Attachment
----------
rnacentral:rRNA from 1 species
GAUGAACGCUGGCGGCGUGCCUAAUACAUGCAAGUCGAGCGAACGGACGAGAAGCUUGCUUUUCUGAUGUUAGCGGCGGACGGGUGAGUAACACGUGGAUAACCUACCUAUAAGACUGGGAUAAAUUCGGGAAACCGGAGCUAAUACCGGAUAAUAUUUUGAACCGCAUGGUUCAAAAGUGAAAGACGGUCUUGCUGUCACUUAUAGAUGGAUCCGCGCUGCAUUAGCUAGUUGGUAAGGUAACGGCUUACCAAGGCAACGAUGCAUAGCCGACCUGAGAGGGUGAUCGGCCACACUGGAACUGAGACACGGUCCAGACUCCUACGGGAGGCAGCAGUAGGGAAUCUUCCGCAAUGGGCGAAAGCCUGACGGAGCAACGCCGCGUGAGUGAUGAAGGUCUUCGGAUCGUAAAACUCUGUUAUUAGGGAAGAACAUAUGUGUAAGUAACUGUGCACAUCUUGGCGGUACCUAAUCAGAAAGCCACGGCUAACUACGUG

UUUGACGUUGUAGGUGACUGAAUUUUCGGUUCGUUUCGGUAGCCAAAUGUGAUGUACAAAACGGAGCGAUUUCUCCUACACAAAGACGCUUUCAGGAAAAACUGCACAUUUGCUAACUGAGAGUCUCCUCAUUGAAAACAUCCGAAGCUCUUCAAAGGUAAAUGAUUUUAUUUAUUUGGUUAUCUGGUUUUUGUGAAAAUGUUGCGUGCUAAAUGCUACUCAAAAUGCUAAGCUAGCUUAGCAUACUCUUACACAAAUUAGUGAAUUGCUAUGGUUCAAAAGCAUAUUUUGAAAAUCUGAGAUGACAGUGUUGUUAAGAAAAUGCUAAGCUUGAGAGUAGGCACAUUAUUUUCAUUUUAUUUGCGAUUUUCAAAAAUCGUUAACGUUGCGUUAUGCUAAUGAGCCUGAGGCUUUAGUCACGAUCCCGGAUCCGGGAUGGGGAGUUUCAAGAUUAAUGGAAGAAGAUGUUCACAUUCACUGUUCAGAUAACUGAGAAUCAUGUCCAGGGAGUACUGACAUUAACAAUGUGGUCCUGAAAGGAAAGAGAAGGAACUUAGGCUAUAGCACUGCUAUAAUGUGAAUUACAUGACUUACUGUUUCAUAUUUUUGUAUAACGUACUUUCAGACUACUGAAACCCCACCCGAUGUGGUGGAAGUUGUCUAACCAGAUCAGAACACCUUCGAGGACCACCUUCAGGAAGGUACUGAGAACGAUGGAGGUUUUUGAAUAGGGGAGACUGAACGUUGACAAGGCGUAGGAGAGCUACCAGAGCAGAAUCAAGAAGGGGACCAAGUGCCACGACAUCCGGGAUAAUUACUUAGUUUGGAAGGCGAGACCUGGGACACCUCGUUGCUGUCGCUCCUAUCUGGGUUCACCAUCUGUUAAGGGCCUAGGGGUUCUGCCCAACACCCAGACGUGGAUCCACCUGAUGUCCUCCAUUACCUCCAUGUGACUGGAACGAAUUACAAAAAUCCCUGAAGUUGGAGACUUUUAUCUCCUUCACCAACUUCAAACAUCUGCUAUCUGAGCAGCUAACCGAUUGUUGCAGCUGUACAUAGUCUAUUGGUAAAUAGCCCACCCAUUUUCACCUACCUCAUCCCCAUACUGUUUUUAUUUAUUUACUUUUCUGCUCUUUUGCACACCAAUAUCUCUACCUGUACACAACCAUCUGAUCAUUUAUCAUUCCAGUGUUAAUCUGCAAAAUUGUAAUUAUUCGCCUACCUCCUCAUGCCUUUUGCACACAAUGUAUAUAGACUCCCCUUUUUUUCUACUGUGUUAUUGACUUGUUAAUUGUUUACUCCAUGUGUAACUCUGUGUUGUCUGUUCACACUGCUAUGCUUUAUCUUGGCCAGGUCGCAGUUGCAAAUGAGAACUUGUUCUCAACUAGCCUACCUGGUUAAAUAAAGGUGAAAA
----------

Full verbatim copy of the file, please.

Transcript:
rnacentral:rRNA from 1 species
GAUGAACGCUGGCGGCGUGCCUAAUACAUGCAAGUCGAGCGAACGGACGAGAAGCUUGCUUUUCUGAUGUUAGCGGCGGACGGGUGAGUAACACGUGGAUAACCUACCUAUAAGACUGGGAUAAAUUCGGGAAACCGGAGCUAAUACCGGAUAAUAUUUUGAACCGCAUGGUUCAAAAGUGAAAGACGGUCUUGCUGUCACUUAUAGAUGGAUCCGCGCUGCAUUAGCUAGUUGGUAAGGUAACGGCUUACCAAGGCAACGAUGCAUAGCCGACCUGAGAGGGUGAUCGGCCACACUGGAACUGAGACACGGUCCAGACUCCUACGGGAGGCAGCAGUAGGGAAUCUUCCGCAAUGGGCGAAAGCCUGACGGAGCAACGCCGCGUGAGUGAUGAAGGUCUUCGGAUCGUAAAACUCUGUUAUUAGGGAAGAACAUAUGUGUAAGUAACUGUGCACAUCUUGGCGGUACCUAAUCAGAAAGCCACGGCUAACUACGUG

UUUGACGUUGUAGGUGACUGAAUUUUCGGUUCGUUUCGGUAGCCAAAUGUGAUGUACAAAACGGAGCGAUUUCUCCUACACAAAGACGCUUUCAGGAAAAACUGCACAUUUGCUAACUGAGAGUCUCCUCAUUGAAAACAUCCGAAGCUCUUCAAAGGUAAAUGAUUUUAUUUAUUUGGUUAUCUGGUUUUUGUGAAAAUGUUGCGUGCUAAAUGCUACUCAAAAUGCUAAGCUAGCUUAGCAUACUCUUACACAAAUUAGUGAAUUGCUAUGGUUCAAAAGCAUAUUUUGAAAAUCUGAGAUGACAGUGUUGUUAAGAAAAUGCUAAGCUUGAGAGUAGGCACAUUAUUUUCAUUUUAUUUGCGAUUUUCAAAAAUCGUUAACGUUGCGUUAUGCUAAUGAGCCUGAGGCUUUAGUCACGAUCCCGGAUCCGGGAUGGGGAGUUUCAAGAUUAAUGGAAGAAGAUGUUCACAUUCACUGUUCAGAUAACUGAGAAUCAUGUCCAGGGAGUACUGACAUUAACAAUGUGGUCCUGAAAGGAAAGAGAAGGAACUUAGGCUAUAGCACUGCUAUAAUGUGAAUUACAUGACUUACUGUUUCAUAUUUUUGUAUAACGUACUUUCAGACUACUGAAACCCCACCCGAUGUGGUGGAAGUUGUCUAACCAGAUCAGAACACCUUCGAGGACCACCUUCAGGAAGGUACUGAGAACGAUGGAGGUUUUUGAAUAGGGGAGACUGAACGUUGACAAGGCGUAGGAGAGCUACCAGAGCAGAAUCAAGAAGGGGACCAAGUGCCACGACAUCCGGGAUAAUUACUUAGUUUGGAAGGCGAGACCUGGGACACCUCGUUGCUGUCGCUCCUAUCUGGGUUCACCAUCUGUUAAGGGCCUAGGGGUUCUGCCCAACACCCAGACGUGGAUCCACCUGAUGUCCUCCAUUACCUCCAUGUGACUGGAACGAAUUACAAAAAUCCCUGAAGUUGGAGACUUUUAUCUCCUUCACCAACUUCAAACAUCUGCUAUCUGAGCAGCUAACCGAUUGUUGCAGCUGUACAUAGUCUAUUGGUAAAUAGCCCACCCAUUUUCACCUACCUCAUCCCCAUACUGUUUUUAUUUAUUUACUUUUCUGCUCUUUUGCACACCAAUAUCUCUACCUGUACACAACCAUCUGAUCAUUUAUCAUUCCAGUGUUAAUCUGCAAAAUUGUAAUUAUUCGCCUACCUCCUCAUGCCUUUUGCACACAAUGUAUAUAGACUCCCCUUUUUUUCUACUGUGUUAUUGACUUGUUAAUUGUUUACUCCAUGUGUAACUCUGUGUUGUCUGUUCACACUGCUAUGCUUUAUCUUGGCCAGGUCGCAGUUGCAAAUGAGAACUUGUUCUCAACUAGCCUACCUGGUUAAAUAAAGGUGAAAA